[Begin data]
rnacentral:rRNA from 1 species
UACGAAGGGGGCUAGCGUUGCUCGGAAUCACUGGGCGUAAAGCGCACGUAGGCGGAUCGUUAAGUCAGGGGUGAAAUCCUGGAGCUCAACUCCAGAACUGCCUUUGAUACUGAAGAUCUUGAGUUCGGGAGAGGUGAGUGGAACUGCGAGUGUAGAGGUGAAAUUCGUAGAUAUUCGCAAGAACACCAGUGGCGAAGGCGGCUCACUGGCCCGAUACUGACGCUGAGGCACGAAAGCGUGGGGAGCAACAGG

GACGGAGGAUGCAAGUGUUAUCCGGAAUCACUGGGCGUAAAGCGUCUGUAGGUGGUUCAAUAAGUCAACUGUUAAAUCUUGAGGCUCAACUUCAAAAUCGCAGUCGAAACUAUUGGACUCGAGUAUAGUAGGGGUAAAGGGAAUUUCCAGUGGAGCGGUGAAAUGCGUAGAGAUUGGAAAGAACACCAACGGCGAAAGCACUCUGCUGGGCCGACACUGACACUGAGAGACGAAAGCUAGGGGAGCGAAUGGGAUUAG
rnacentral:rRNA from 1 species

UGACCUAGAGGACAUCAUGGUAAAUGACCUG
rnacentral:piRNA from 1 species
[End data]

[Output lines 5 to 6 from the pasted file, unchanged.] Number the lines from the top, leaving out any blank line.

UGACCUAGAGGACAUCAUGGUAAAUGACCUG
rnacentral:piRNA from 1 species